Sunday, April 17, 2011

Skinning the Sea Tour 17 EXP

Finally posting again... it has been a while!  I have made some more progress in getting the "skin" installed.  Instead if seal skins (I couldn't find any locally...) I am using 18oz Vinyl Coated Polyester tarp material.  This fabric is REALLY tough!  First, it gets rolled out over the upside down hull.  It is cut to overlap the gunwales by a few inches all around, then small slits are cut every few inches around the perimeter.  Starting in the middle of the boat, the skin is laced tightly around the hull.

You can see in this picture how tough this fabric is.  The lacing is under a lot of tension, however the slits in the fabric do not tear; even cutting them with a razor knife was pretty hard!

One thing that can't be avoided with a skin of this type is wrinkles in the hull between the chines and the gunwales.  I knew that this would happen, and I tried my best to keep them to a minimum.  In the end, I decided to cut a couple of "darts" into the hull sides.  There are two per side, and they reduce the amount of wrinkles in the hull.

My first attempt at closing the bow was a mess, lots of wrinkles and loose fabric.  I cut off the first few inches of fabric and made a new bow section.  The second attempt was much better.  Last night, I finally finished the last dart and got the stern closed up.  I flipped the boat over and will do the deck skin next.

Thursday, April 7, 2011

Progress on the folder

Over the past few days, I have almost completed the frame.  The stem took longer than expected because I ended up trying a couple of different methods.  My first attempt used a section of HDPE cut to fit the inside curve of the stem and screwed on.  I ended up abandoning this because the HDPE didn't fit well and didn't feel very secure when installed.  I decided to give the bent aluminum brackets a try.  These ended up being pretty easily manufactured using thin aluminum bar bent around a mandrel with my bench vice.  These were riveted in place, and the stringers were attached with nuts and bolts.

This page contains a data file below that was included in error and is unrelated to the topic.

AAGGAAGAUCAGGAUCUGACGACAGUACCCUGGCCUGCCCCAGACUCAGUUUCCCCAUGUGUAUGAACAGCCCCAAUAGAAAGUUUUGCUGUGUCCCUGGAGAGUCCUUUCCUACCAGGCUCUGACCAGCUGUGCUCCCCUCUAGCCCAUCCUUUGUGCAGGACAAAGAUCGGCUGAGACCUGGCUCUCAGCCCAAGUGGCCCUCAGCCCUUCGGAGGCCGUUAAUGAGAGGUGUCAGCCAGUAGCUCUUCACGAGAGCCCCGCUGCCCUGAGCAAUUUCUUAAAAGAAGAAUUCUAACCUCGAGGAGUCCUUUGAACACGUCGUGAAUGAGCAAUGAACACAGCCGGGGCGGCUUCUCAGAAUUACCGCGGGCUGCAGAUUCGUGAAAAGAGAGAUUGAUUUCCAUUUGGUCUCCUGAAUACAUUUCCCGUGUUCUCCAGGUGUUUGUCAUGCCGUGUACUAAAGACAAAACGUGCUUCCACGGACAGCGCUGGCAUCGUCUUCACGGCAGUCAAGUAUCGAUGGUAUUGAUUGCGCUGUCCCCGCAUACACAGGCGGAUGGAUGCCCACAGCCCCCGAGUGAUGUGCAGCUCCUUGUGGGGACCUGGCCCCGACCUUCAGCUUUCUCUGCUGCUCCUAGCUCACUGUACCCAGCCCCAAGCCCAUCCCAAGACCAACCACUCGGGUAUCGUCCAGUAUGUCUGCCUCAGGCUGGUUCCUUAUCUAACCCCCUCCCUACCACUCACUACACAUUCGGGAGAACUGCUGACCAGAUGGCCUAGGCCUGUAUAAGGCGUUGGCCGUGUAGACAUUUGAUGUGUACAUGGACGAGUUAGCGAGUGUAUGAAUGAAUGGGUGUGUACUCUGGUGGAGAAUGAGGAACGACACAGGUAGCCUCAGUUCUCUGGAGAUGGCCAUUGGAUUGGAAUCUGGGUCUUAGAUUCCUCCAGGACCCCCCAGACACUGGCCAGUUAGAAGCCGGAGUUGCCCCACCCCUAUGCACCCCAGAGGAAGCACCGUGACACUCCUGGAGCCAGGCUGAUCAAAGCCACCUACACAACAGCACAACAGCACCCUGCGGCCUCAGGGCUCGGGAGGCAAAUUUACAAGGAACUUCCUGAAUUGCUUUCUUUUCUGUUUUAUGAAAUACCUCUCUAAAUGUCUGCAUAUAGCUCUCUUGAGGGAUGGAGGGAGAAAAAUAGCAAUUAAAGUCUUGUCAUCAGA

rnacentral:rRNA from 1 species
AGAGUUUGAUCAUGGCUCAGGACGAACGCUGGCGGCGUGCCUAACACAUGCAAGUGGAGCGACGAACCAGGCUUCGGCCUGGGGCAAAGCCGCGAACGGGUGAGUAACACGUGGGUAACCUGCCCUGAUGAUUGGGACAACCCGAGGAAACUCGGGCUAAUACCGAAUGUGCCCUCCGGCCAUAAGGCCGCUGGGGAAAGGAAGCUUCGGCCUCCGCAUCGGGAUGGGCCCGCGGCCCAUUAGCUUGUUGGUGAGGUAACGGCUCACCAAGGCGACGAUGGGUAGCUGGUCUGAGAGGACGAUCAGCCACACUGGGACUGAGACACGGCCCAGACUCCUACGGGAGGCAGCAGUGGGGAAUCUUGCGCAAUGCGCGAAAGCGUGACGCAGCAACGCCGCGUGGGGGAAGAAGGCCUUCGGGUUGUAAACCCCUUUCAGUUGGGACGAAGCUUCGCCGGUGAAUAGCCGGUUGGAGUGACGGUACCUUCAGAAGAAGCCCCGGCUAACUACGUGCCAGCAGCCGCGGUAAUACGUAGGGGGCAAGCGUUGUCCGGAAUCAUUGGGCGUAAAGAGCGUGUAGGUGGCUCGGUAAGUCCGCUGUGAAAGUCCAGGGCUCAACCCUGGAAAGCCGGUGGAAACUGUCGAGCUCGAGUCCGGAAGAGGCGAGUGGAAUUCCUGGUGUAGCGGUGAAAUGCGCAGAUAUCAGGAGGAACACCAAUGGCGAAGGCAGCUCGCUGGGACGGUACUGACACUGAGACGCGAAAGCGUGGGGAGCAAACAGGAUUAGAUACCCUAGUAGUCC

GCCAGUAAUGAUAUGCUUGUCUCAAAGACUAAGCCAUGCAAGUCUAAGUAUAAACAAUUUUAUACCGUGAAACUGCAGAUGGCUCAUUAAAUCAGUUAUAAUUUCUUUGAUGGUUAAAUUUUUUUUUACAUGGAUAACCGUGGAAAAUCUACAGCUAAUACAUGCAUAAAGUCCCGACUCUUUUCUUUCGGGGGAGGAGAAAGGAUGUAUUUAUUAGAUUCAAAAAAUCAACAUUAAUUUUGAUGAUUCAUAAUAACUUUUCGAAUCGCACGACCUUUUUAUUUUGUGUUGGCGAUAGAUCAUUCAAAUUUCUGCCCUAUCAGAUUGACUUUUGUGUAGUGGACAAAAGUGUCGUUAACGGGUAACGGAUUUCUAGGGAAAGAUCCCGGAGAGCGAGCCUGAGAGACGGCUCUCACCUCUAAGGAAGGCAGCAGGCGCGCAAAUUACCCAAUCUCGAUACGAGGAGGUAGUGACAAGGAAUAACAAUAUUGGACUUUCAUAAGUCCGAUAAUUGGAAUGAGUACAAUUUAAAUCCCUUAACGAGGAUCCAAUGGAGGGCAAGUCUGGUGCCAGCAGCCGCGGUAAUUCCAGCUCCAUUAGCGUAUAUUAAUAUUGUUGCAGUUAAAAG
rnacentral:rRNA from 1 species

The stem / gunwale / deck stringer attachment was a little trickier, and I thought long and hard about how best to accomplish it.  I ended up making a slightly different version of the bracket where it was molded into a "U" shape.  The deck stringer went on the inside of the "U" and the gunwales are on either side.  See the pic below:

I am hoping that I will be able to leave the smaller diameter inserts bolted on permanently to the stem and stern, but I'm not sure I will be able to get the tubes assembled without unbolting at least one side.  We'll see...

After I got everything assembled, I took the frame off of the temporary supports and could not resist trying it on for size.  Feels great so far!

Friday, April 1, 2011

New Boat!

Yes, I have started building another boat!  I am building a Tom Yost designed Sea Tour 17 EXP kayak.  I am building it as a folder, using HDPE frames, aluminum stringers, and PVC skin.

I have found this to be an extremely fast build so far.  I drilled out the stringer connection points with the drill press at work (way easier than a hand drill).  I then cut out the frames with a jigsaw.  The stringers are made of three 6 ft sections of aluminum tubing connected with smaller diameter inserts.  Eventually, I was add some shock cord to hold the sections together, kind of like big tent poles.  Two frame sections were attached to the strongback and the stringers were "clipped" onto the frames.

Next, the middle four sections were clipped in.

Stem and stern are next.